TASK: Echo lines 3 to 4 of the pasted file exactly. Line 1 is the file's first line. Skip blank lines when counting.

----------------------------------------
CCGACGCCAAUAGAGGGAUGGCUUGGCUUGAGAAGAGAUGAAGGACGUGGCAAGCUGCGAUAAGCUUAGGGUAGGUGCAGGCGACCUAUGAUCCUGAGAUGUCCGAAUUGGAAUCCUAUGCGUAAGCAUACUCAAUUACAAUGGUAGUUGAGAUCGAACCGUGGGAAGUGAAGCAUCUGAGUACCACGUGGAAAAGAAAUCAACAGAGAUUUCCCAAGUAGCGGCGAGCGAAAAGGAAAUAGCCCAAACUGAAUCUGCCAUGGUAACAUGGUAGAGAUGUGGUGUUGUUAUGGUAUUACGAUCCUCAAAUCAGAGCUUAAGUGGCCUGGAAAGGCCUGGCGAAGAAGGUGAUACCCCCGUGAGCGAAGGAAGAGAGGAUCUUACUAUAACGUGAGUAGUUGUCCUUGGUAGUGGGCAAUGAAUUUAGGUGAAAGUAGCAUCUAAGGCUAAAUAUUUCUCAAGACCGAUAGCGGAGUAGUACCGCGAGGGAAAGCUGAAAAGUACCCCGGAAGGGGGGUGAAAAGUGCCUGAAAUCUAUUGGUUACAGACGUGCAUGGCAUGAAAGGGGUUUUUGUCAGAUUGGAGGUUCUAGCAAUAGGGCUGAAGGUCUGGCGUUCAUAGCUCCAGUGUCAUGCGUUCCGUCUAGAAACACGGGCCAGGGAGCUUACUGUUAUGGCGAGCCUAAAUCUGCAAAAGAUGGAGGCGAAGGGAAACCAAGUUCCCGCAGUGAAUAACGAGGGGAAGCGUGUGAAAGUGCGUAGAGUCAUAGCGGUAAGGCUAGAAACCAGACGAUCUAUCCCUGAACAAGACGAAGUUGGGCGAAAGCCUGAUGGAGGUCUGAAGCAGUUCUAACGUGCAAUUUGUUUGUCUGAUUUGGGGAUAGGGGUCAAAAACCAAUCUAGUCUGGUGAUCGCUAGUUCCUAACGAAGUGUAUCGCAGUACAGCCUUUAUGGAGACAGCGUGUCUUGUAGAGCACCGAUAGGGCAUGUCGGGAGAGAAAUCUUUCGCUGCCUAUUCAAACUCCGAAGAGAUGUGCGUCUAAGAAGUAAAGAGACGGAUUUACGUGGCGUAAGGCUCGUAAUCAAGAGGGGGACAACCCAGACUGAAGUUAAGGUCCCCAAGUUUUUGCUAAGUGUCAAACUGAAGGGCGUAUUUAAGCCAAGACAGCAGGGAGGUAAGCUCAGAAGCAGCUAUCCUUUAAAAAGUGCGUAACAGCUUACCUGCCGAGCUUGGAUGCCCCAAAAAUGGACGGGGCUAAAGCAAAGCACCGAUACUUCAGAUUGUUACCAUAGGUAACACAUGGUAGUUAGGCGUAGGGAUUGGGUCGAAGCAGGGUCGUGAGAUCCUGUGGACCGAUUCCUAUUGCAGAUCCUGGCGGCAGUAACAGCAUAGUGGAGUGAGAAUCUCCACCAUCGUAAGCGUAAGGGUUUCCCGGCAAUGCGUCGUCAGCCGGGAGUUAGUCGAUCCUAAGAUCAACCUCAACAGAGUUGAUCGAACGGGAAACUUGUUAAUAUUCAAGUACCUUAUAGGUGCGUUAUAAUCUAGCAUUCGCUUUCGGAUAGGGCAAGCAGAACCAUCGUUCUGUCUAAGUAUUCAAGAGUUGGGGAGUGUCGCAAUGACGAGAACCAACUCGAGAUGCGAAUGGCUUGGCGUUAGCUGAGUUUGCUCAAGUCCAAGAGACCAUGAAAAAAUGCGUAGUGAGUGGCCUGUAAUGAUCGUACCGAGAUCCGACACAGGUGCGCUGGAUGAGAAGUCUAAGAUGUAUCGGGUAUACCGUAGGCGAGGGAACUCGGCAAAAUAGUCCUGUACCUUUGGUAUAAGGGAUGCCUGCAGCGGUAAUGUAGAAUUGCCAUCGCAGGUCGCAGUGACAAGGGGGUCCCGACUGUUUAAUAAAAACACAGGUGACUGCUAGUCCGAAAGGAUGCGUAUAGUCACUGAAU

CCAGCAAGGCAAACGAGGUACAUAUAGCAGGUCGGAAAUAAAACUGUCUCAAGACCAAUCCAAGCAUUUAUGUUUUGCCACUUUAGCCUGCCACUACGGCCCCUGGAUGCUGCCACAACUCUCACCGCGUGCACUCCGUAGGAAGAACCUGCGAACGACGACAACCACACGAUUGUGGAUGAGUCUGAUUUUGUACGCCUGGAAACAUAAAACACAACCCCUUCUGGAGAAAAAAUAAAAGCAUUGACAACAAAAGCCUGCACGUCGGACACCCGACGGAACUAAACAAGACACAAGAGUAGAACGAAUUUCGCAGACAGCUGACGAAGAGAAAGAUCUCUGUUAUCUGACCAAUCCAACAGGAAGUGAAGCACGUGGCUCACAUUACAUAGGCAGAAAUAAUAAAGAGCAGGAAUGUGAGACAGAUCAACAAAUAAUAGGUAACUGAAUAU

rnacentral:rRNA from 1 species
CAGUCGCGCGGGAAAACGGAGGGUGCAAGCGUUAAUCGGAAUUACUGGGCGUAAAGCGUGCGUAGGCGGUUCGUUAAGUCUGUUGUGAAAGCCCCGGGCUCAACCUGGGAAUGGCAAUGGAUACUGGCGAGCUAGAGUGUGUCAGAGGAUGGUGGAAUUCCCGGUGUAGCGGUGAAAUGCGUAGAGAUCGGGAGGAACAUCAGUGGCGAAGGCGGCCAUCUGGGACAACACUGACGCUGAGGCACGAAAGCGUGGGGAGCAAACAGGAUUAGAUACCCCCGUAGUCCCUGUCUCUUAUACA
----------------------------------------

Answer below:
rnacentral:rRNA from 1 species
CAGUCGCGCGGGAAAACGGAGGGUGCAAGCGUUAAUCGGAAUUACUGGGCGUAAAGCGUGCGUAGGCGGUUCGUUAAGUCUGUUGUGAAAGCCCCGGGCUCAACCUGGGAAUGGCAAUGGAUACUGGCGAGCUAGAGUGUGUCAGAGGAUGGUGGAAUUCCCGGUGUAGCGGUGAAAUGCGUAGAGAUCGGGAGGAACAUCAGUGGCGAAGGCGGCCAUCUGGGACAACACUGACGCUGAGGCACGAAAGCGUGGGGAGCAAACAGGAUUAGAUACCCCCGUAGUCCCUGUCUCUUAUACA